How to Create a Reactive Dog…

I saw quite a few disturbing things happen while I was working at the expo this weekend one was from a female handler who had a young adult Weimaraner (possible mix) at the event on a prong collar. The dog was a bit stiff in his body (not in her joints but in general movement) and was a bit stressed but seemed very friendly. I saw this dog/owner when the event first opened and saw them probably 7-10 times over the course of the 2.5 hours I was there.

The dog started out interested in the other dogs at the event and I saw the handler let him greet a few dogs at first and he was very appropriate. But I saw quite a change in the dog by the end of the day and it was not a good change. I saw him actively trying to avoid other dogs and actually snapped at a few very appropriate dogs and was getting defensive as soon as another dog showed any interest. I’m sure being tired and stressed played a role in this change but the handler certainly did things the contribute to her dog starting to become reactive.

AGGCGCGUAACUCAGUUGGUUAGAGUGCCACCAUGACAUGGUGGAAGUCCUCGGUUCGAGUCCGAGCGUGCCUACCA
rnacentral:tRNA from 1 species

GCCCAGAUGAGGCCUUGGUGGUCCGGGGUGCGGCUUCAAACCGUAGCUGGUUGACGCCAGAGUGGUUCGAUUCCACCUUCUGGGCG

There were probably 15 or 20 times I saw this handler give her dog a series of leash pops for sniffing a dog who walked up to him, or going over to sniff a dog, or to get the dog to end a greeting with another dog. By the middle of my day, I saw this dog show obvious signs of stress and avoidance when other dogs approached appropriately–he’d turn his head, lick his lips, or turn away just trying to tell the other dog to leave him alone. The last time I saw him, he was giving bigger warnings when dogs got near (whether they were interested in him or not) and actually snap at dogs who had gone up to him (appropriately after the owner asked) on two occasions. I cannot say for sure that he wasn’t just tired and cranky but the behavior change was pretty clear and seemed based, at least partially, in fear compared to his behavior earlier in the day .